“This third amendment is driven by the need to complete the review process with the Federal Aviation Administration, and to update and refine the Facility design in order to respond to recent changes in the wind energy market and enhance the feasibility of the proposed project, using equipment that is currently available in the market,” said the company.

The council previously authorized construction of up to 267 General Electric sle 1.5-MW turbines or any combination of turbines subject to specific restrictions. The proposed change in turbine tower height and rotor diameter will result in a net reduction in the total number of turbines, to a maximum of 125 turbines. The purpose of the change in turbine height and rotor diameter is to take advantage of improvements in turbine technology that allow fewer turbines to attain the previously approved maximum peak electric generating capacity of 400 MW. The modified 125-turbine layout results in corresponding modifications to the location of access roads, collector lines, and other project facilities, as well as construction areas such as crane paths and laydown areas.

Golden Hills seeks to eliminate the previously approved 500-kV transmission line to the Bonneville Power Administration’s John Day substation and the associated construction of one of the two approved substations. These related and supporting facilities are no longer needed based on a revised and updated facility design. The previously approved eastern substation will be relocated to the center of the site boundary and will serve as the single substation for the facility.

The location of the previously approved 230-kV transmission line will be modified to run from the proposed centrally located substation to the Hay Canyon 230-kV transmission line located near the southeast corner of the facility’s site boundary. From there, electricity will be transmitted using the existing Hay Canyon 230-kV line to its northernmost transmission pole structure near the Klondike Substation. From this location, Golden Hills will construct up to around 700 feet of new 230-kV transmission line and associated structures and equipment to interconnect the facility to BPA’s transmission structure located about 300 feet north of the Klondike substation.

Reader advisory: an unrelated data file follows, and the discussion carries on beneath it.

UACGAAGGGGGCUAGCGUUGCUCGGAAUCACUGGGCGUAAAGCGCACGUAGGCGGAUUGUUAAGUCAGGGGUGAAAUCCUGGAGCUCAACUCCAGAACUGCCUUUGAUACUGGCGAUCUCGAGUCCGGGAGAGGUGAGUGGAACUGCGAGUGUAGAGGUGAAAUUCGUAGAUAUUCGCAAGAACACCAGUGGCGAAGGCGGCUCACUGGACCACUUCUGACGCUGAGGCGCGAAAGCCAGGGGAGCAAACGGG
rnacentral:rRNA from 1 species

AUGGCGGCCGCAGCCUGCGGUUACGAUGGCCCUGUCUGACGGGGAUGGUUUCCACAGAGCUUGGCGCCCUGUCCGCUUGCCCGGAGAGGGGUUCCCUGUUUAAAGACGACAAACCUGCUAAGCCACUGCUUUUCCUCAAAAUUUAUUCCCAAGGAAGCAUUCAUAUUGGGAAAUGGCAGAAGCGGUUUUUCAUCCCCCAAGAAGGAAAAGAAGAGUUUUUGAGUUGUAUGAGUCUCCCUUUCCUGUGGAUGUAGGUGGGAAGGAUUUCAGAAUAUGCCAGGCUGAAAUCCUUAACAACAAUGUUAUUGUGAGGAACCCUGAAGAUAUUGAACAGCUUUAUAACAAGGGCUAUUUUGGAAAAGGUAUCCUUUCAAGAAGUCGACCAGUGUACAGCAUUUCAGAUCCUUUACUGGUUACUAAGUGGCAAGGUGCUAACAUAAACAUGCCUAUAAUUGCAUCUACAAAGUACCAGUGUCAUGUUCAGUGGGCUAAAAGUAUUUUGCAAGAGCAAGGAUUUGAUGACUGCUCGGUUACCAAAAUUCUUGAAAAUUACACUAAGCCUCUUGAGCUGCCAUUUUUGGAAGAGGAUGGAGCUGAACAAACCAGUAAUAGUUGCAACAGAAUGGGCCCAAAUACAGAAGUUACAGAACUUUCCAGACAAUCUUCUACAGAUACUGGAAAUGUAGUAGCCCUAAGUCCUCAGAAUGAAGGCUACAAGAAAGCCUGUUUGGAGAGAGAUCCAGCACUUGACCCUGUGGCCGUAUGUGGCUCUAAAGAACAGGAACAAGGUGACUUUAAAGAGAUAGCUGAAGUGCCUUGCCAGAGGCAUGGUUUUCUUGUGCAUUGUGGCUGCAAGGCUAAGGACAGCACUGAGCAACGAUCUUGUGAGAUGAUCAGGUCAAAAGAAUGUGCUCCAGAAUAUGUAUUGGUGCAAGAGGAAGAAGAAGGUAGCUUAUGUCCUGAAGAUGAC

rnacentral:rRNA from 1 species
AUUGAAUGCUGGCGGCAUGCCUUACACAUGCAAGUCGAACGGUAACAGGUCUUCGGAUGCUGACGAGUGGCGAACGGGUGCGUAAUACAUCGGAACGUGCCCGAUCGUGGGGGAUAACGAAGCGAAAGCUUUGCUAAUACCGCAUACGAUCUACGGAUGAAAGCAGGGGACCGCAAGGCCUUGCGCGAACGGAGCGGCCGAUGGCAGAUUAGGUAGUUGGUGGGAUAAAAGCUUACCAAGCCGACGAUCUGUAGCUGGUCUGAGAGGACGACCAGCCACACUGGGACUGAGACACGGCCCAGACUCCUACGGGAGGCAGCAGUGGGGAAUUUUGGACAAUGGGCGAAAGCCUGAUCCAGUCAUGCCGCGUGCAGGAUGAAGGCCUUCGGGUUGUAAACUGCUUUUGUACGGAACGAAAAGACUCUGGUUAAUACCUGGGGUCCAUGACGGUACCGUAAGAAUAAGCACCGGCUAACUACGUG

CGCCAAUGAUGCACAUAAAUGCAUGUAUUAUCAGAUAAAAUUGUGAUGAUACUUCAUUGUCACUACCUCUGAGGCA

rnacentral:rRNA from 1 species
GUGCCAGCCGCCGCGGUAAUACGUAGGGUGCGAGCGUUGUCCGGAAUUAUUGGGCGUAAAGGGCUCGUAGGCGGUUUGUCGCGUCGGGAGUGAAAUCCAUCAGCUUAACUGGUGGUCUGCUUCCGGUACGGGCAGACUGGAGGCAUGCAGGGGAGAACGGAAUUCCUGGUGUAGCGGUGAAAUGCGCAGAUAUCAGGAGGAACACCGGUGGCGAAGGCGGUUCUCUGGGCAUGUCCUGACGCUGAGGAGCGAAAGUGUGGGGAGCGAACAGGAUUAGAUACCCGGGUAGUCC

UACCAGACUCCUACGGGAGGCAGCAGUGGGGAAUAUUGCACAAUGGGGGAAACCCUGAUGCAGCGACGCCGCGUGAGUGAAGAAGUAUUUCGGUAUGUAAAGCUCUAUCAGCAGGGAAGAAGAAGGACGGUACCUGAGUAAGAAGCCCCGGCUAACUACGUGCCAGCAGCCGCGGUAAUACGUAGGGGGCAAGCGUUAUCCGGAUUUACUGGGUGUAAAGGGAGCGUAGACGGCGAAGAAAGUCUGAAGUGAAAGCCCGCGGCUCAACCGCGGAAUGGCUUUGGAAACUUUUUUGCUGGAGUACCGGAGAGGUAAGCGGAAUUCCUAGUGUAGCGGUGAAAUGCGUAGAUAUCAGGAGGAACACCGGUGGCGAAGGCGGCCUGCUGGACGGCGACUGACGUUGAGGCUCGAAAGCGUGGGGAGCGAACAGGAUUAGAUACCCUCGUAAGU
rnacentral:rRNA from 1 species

A project contact is: Golden Hills Wind Farm LLC, Reid Buckley, Vice President, Orion Renewable Energy Group LLC, 155 Grand Avenue, Suite 706 Oakland, CA 94612, (510) 267-8921, rbuckley@orionrenewables.com.

About Barry Cassell 20414 Articles
Barry Cassell is Chief Analyst for GenerationHub covering coal and emission controls issues, projects and policy. He has covered the coal and power generation industry for more than 24 years, beginning in November 2011 at GenerationHub and prior to that as editor of SNL Energy’s Coal Report. He was formerly with Coal Outlook for 15 years as the publication’s editor and contributing writer, and prior to that he was editor of Coal & Synfuels Technology and associate editor of The Energy Report. He has a bachelor’s degree from Central Michigan University.